I discovered a strange bug in my Python code recently. It took me a few minutes worth of digging to uncover something somewhat surprising, a side-effect to do with default parameters that is not obvious at first blush. Consider the following code:

import sys

class Group:

    def __init__(self, name, desc='', questions=[]):
      self.name = name
      self.desc = desc
      self.questions = questions

        Name:        %s
        Description: %s
        Questions:   %s
        ''' % (self.name, self.desc, ', '.join(self.questions))

    g1 = Group('foo')
    g2 = Group('baz', 'a really bazzy group')
    g3 = Group('bar', 'some barry groups', ['first q', 'secundo', 'tri'])

    g4 = Group('vroom')

    if len(sys.argv) > 1:
        g4.questions.append('This is not a question')

    print g1
    print g2
    print g3
    print g4

if __name__ == '__main__':

If run with no parameters, it appears to have the expected and desired behaviour. Give it a parameter, and the line that appends a question will cause all instances to have the same question added. Obviously a bug, but why?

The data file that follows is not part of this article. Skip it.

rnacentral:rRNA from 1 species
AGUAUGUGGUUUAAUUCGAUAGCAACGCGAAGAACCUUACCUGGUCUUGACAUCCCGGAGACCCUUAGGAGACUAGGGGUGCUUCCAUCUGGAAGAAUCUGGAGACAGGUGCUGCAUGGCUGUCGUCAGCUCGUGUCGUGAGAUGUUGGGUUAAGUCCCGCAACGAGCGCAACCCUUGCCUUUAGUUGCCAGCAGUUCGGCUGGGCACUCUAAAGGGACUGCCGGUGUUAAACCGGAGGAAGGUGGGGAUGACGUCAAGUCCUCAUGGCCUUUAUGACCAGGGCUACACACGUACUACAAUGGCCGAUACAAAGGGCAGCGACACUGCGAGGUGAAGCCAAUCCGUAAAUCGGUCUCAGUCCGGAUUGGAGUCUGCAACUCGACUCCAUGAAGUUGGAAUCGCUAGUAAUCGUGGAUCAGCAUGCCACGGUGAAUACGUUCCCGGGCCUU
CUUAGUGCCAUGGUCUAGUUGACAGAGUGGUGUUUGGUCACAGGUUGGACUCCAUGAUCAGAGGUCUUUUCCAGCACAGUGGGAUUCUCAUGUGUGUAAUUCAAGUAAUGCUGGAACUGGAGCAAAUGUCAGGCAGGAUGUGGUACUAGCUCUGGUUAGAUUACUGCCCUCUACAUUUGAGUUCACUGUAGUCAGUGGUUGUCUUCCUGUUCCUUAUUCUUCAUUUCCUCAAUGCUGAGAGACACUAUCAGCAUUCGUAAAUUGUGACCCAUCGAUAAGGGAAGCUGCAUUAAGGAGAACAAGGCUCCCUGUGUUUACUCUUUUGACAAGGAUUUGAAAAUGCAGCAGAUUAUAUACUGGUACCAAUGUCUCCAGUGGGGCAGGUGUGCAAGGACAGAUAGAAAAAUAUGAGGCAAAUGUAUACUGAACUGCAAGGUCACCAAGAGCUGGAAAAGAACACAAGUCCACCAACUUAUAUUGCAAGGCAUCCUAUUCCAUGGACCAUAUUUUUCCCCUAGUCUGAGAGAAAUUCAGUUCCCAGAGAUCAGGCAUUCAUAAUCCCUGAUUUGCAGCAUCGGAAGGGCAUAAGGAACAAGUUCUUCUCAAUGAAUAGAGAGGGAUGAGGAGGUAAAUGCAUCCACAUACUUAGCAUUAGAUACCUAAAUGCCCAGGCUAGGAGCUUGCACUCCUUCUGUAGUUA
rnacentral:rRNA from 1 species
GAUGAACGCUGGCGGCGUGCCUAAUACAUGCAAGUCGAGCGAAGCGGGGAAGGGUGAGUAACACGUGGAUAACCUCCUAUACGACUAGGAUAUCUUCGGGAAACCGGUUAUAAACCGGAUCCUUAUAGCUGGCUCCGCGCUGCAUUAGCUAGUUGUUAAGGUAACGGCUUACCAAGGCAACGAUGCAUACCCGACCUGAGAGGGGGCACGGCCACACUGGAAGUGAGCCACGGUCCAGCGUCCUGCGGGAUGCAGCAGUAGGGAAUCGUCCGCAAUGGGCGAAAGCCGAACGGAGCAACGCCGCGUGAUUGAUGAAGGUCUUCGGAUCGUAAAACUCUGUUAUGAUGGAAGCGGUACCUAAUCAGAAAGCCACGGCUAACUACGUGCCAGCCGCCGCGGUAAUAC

What’s happening is the default value for the question parameter is evaluated at compile time to be an instance of an empty list. All instances then refer to this same empty list, so when one gets something appended, they all appear to get it. The solution is of course to have it default to None and then construct a list when required.

Even when the default parameter is a function, it is still evaluated only the once, so its return value becomes a constant default value. It turns out that this is clearly documented (thanks Fred!) in the Python Language Reference: Section 7.5 Function definitions.

For someone used to doing funky stuff in C++ constructors (like yours truly), this might be a subtle gotcha.